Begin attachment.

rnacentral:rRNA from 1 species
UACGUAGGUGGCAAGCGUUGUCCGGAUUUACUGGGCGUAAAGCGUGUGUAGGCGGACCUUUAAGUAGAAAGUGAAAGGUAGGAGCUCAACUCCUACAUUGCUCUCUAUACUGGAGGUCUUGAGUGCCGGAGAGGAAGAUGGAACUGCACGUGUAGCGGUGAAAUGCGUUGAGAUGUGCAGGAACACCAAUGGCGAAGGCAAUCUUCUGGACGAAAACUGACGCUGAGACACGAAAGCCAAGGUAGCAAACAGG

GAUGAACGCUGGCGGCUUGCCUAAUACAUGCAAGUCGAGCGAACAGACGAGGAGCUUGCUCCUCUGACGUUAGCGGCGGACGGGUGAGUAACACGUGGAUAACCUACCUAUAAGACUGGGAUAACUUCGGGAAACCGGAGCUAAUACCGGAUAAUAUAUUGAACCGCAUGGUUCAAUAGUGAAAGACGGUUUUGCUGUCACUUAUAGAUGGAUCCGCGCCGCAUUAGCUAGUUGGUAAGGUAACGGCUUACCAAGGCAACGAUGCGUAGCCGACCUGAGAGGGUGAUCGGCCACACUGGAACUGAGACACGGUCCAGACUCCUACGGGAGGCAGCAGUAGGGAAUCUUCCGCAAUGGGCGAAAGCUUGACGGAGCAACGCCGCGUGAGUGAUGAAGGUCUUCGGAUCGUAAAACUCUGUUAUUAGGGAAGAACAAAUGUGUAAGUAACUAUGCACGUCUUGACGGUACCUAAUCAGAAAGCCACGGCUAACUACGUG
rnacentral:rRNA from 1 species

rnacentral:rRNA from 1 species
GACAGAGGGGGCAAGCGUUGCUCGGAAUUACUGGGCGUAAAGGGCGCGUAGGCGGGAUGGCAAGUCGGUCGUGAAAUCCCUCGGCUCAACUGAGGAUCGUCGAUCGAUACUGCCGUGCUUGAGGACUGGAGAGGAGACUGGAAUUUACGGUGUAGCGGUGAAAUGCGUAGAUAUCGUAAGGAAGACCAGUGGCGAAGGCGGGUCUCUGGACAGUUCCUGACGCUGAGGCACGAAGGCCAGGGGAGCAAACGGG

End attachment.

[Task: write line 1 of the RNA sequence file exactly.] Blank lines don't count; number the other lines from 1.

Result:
rnacentral:rRNA from 1 species